- I like situations like this one where the light is shining into the scene and picking out the trunks and rocks, grasses in a high key. That gives me nice brightly lit structure in my trees.I can also get those deep values right behind those light trunks. I have written about "value stacking" where I place lights against darks and lights behind those. I try to find lots of ways to get Darks behind my higher key shapes.
- When I set up I will ask myself,"where is the light going?" and I will look there for my subject. It usually makes bright paintings with lots of well lit elements to contrast with my foliage.
- I like the fall colors over on the right. I find a lot of times the fall color is just to much. I like it when the foliage is the color of 500 dollar suits. I like the russets and golds.
- Sometimes outside I am confronted with huge mountains sides of brilliant orange. Unless there is a barn or group of buildings for a major foil in front of it I walk away from those now. I have made lots of paintings full of screaming oranges and I am never happy with them when I get them inside.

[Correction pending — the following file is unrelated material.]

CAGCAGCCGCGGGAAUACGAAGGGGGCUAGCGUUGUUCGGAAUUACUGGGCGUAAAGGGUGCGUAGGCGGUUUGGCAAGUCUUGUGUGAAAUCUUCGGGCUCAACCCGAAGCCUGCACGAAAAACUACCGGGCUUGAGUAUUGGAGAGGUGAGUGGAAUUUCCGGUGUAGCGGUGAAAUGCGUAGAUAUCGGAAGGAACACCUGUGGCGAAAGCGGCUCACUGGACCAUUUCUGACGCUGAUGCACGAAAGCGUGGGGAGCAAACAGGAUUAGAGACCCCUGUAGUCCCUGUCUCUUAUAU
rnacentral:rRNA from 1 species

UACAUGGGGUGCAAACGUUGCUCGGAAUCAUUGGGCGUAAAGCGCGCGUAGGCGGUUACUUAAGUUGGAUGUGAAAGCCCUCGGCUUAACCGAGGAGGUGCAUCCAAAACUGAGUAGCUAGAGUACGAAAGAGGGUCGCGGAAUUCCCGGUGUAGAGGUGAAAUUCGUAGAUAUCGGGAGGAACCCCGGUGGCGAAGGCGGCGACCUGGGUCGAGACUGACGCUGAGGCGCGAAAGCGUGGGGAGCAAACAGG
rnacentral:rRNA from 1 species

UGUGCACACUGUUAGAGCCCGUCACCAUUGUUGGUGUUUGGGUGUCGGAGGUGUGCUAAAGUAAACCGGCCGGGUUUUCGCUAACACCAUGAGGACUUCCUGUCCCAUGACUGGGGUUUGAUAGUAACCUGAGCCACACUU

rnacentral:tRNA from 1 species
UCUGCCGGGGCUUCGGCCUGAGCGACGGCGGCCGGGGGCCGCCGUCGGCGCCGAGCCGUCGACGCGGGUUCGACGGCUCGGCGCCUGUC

- I try to understate the foliage I will feed the complement into it or use more earth colors to paint it.
- Sometimes I will paint all of the fall scene chromatically with cadmium yellow light, permanent red and cobalt blue. Those colors give a real clean and slightly blond look that is restrained yet "clear" that I like. The whole painting will hang together real well when I do this. Then I my add other colors from my palette as accents and incidental notes.
- An Autumn painting is almost always going to be colorful enough, so I concentrate on the structure of things. I think solid form and tree architecture are more interesting than enormous masses of colors that I wouldn't find easy to live with for long in a painting.
Monday, October 4, 2010
More on painting fall
A travel day today, I will post more about that tomorrow. I am typing this late at night and tired, so it will be brief. Here are a few more bullet points on fall paintings.